2.6 Statistical analysis

Samples were analyzed in triplicate, and data were presented as the mean±standard deviation. Statistical analysis of the data was performed using one way ANOVA analysis and Student’s t-test. P-values were two-sided and a value of less than 0.05 was considered statistically significant. IC50 values were determined by the Graphpad Prism 5 software package (La Jolla, CA, USA).

3 Results

3.1 Effect of LXB-1 on A549 cell proliferation

To investigate the effect of LXB-1 on the viability of A549 cells, cell proliferation was measured using the MTT assay performed with logarithmically growing cells. A549 cells were cultured in the absence or presence of various concentrations of LXB-1 for 24, 48, and 72 h. As shown in Figure 1, LXB-1 induced significant cytotoxicity in A549 cells in a time and dose-dependent manner. The IC50 values for 24, 48 and 72 h treatment were 12.97±1.53 μg/mL, 9.55±1.42 μg/mL, and 5.90±0.74 μg/mL, respectively.

Figure 1: LXB-1 inhibited A549 cell proliferation. A549 cells were treated with increasing concentrations of LXB-1 for 24, 48 and 72 h, and cell viability was determined by MTT assay.
Figure 1:

LXB-1 inhibited A549 cell proliferation. A549 cells were treated with increasing concentrations of LXB-1 for 24, 48 and 72 h, and cell viability was determined by MTT assay.

3.2 LXB-1 induced G2/M cell cycle arrest in A549 cells

To test whether LXB-1 could affect the cell cycle of A549 cells, synchronized cells treated with different concentrations of LXB-1 (1 μg/mL, 5 μg/mL and 10 μg/mL) for 48 h were subjected to flow cytometric analysis after DNA staining. 10 μM taxol served as the positive control. Representative histograms for cell cycle distribution in A549 cells are shown in Figure 2A. We found that LXB-1 treatment resulted in an obvious increase in G2/M fraction, which was accompanied by a decrease in G0/G1 cells. Cell cycle distribution are also summarized in histograms in Figure 2B. These results indicated that the inhibitory effect of LXB-1 against proliferation of A549 cells correlated with G2/M phase cell-cycle arrest.

Figure 2: LXB-1 induced G2/M cell cycle arrest in A549 cells. (A) After treated with indicated concentrations of LXB-1 for 48 h, A549 cells were stained with PI, and DNA content was analyzed with flow cytometry. (B) Cell cycle distribution was shown. Ten micrometer taxol served as the positive control.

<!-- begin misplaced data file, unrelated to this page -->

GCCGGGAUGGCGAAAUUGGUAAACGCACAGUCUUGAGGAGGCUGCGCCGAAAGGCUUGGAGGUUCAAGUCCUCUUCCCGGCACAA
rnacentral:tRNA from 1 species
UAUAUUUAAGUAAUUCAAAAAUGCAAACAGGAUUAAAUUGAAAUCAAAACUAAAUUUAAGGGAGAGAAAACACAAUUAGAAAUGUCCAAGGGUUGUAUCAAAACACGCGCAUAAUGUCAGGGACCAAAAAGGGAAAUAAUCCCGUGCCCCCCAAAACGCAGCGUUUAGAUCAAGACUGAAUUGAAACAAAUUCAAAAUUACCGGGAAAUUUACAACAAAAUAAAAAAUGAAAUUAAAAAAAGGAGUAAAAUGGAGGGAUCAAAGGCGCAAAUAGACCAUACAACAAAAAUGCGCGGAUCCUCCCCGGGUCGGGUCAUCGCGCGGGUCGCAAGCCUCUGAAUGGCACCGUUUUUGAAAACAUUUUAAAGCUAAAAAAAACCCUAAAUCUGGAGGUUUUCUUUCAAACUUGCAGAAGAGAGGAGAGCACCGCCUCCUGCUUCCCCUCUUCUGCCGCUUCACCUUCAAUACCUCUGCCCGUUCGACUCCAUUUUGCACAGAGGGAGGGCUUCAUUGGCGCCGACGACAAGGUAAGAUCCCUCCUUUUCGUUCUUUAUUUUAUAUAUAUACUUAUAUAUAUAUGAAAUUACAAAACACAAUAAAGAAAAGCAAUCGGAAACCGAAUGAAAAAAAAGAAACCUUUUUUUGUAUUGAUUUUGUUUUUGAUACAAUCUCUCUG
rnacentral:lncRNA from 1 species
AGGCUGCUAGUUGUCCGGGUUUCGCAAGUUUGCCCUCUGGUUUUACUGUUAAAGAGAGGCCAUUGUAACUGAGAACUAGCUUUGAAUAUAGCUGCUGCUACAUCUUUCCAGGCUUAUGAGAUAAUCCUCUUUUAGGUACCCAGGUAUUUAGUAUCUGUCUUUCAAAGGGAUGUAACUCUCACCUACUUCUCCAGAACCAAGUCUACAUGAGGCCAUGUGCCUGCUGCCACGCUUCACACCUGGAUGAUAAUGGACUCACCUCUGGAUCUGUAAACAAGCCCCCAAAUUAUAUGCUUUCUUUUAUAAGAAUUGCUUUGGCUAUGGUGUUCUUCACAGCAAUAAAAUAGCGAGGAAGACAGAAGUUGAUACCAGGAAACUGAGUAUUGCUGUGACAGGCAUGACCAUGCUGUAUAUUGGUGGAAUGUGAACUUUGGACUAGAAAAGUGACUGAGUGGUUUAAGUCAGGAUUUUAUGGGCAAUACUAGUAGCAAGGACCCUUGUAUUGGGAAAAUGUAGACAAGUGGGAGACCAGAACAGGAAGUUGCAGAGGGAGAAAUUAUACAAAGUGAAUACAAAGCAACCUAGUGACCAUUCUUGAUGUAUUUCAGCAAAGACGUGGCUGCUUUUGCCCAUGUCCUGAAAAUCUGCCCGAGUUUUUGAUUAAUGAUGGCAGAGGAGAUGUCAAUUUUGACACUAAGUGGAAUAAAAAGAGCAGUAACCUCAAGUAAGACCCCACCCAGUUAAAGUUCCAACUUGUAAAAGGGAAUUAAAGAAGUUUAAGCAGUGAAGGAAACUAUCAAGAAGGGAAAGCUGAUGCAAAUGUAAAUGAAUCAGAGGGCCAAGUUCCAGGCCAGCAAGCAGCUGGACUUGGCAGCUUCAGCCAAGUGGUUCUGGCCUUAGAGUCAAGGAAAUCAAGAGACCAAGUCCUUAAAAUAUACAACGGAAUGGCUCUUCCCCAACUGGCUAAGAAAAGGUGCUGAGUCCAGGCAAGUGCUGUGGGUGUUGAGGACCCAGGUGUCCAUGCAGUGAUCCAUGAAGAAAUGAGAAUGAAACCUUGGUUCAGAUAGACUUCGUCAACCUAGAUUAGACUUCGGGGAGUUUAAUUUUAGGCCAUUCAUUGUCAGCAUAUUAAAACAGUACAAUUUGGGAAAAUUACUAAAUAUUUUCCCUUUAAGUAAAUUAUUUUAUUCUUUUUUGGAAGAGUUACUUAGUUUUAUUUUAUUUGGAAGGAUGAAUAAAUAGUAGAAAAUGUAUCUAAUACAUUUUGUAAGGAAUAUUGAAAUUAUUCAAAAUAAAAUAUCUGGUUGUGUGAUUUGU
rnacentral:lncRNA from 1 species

Figure 2:

LXB-1 induced G2/M cell cycle arrest in A549 cells. (A) After treated with indicated concentrations of LXB-1 for 48 h, A549 cells were stained with PI, and DNA content was analyzed with flow cytometry. (B) Cell cycle distribution was shown. Ten micrometer taxol served as the positive control.

3.3 LXB-1 induced apoptosis in A549 cells

To examine the effect of LXB-1 on cell apoptosis, annexin-V-FITC/PI double-staining analysis was performed in A549 cells using flow cytometry. As shown in Figure 3A, LXB-1 induced significant apoptosis in A549 cells. The percentage of apoptotic cells in the control group was 1.85%. After treatment with 1 μg/mL, 5 μg/mL and 10 μg/mL of LXB-1 for 48 h, the early apoptotic cells were increased to 8.14%, 94.53% and 77.55%, respectively. The late apoptotic and necrotic cell population increased slightly in cells treated with 10 μg/mL LXB-1, which showed 14.26% dead.

Figure 3: LXB-1 induced cell apoptosis in A549 cells. (A) A549 cells were treated with indicated concentrations of LXB-1 for 48 h, and then annexin V/PI double staining assay was performed to measure cell apoptosis. (B) Western blot analysis of expression levels of apoptosis-related proteins.
Figure 3:

LXB-1 induced cell apoptosis in A549 cells. (A) A549 cells were treated with indicated concentrations of LXB-1 for 48 h, and then annexin V/PI double staining assay was performed to measure cell apoptosis. (B) Western blot analysis of expression levels of apoptosis-related proteins.

We next determined the effect of LXB-1 on the expression levels of Bcl-2 and Bax as well as the activation of caspase-3 and caspase-9. Bcl-2 protein is a suppressor of apoptosis while Bax is an activator of apoptosis. Accumulated evidence demonstrates that the cysteine-aspartic acid protease (caspase) family plays a pivotal role in the terminal, execution phase of cell apoptosis [7–10]. Since cytosolic cytochrome c induces caspase-9-dependent activation of caspase-3, we investigated whether caspases-3 and-9 were involved in the apoptotic response induced by LXB-1. As shown in Figure 3B, LXB-1 increased the cleavage of both caspase-3 and caspase-9 in a dose-dependent manner. The protein levels of Bcl-2 were also inhibited, while the expression of Bax protein was gently increased after LXB-1 treatment. Collectively, these results demonstrated that LXB-1 caused cell apoptosis in A549 cells.

3.4 LXB-1 regulated the levels of p-JNK, p-ERK and p-Akt